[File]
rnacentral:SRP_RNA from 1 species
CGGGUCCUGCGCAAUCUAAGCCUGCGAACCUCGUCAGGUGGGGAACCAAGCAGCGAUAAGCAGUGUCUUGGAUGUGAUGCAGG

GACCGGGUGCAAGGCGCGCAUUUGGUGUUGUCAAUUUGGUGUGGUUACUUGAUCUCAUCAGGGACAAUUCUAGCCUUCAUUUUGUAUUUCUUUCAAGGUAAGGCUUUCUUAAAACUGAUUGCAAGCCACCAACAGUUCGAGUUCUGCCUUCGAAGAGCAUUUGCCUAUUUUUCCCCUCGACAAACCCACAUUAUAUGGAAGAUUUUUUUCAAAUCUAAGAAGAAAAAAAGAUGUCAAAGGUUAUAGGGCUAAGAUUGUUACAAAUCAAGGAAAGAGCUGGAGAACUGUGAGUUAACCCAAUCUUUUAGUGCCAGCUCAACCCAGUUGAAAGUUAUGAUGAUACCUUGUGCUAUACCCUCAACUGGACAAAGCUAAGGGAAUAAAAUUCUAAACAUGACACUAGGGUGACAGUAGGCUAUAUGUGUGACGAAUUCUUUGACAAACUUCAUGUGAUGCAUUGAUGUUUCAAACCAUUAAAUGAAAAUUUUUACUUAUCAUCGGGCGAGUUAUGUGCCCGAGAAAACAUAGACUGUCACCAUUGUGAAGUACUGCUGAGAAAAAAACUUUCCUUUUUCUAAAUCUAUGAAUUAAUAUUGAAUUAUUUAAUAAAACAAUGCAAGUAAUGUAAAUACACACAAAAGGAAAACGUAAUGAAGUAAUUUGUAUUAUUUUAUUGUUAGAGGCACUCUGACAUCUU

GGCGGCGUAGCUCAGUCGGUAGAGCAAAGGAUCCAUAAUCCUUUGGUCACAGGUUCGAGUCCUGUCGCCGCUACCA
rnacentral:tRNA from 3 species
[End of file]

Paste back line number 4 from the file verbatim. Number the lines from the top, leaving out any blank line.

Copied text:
GGCGGCGUAGCUCAGUCGGUAGAGCAAAGGAUCCAUAAUCCUUUGGUCACAGGUUCGAGUCCUGUCGCCGCUACCA